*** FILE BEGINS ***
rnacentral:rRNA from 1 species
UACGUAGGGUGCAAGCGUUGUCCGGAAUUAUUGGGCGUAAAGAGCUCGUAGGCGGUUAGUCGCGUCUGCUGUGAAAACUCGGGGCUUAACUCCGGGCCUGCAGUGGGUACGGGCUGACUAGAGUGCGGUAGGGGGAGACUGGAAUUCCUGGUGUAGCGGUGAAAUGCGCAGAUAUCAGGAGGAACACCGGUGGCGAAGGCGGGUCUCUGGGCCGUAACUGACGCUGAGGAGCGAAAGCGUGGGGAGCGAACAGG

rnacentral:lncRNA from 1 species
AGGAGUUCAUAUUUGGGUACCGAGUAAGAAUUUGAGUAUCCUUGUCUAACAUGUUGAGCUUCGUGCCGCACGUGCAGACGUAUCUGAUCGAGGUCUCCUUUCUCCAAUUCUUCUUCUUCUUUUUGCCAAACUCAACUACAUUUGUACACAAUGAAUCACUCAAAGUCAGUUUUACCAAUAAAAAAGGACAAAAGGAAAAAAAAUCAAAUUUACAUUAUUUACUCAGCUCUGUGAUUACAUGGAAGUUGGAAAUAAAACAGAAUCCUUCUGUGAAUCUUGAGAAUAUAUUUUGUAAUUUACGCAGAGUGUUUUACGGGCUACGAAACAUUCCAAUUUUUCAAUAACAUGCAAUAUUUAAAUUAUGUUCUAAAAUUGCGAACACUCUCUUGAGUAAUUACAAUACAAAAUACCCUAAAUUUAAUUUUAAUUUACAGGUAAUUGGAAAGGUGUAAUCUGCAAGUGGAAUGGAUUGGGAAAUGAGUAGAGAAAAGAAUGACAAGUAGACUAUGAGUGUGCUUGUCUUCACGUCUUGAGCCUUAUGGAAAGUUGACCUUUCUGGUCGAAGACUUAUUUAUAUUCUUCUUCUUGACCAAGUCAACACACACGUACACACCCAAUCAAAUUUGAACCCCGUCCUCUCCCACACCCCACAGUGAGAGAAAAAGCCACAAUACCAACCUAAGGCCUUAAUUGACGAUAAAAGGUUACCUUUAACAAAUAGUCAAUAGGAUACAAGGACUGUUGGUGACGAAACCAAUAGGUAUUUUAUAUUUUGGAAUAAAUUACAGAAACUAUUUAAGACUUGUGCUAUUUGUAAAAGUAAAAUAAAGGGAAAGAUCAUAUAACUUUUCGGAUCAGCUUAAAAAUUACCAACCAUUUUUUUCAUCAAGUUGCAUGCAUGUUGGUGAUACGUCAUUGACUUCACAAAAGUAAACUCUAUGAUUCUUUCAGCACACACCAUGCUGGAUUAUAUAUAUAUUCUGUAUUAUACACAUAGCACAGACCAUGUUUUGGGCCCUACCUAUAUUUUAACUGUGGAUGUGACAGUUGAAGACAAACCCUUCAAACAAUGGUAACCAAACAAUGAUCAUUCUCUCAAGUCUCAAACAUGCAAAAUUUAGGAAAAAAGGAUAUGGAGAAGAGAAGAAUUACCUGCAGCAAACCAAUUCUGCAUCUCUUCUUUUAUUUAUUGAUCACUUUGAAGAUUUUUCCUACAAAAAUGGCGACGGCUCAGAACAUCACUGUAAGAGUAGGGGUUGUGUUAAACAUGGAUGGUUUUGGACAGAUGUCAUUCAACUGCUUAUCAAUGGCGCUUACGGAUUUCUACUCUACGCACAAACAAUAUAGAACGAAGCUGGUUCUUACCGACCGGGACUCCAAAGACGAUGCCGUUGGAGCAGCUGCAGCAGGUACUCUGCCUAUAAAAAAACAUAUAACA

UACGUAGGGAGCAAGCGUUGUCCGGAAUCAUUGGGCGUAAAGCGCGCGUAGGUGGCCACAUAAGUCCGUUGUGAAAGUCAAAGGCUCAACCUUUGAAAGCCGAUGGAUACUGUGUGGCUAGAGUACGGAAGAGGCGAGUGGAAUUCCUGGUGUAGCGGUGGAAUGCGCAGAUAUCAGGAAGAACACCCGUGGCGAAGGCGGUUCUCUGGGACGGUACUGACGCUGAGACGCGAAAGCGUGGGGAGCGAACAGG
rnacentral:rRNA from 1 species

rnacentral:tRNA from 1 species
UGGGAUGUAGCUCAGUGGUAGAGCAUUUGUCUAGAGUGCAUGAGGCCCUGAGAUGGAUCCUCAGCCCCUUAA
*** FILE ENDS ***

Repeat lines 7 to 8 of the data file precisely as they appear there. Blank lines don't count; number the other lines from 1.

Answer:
rnacentral:tRNA from 1 species
UGGGAUGUAGCUCAGUGGUAGAGCAUUUGUCUAGAGUGCAUGAGGCCCUGAGAUGGAUCCUCAGCCCCUUAA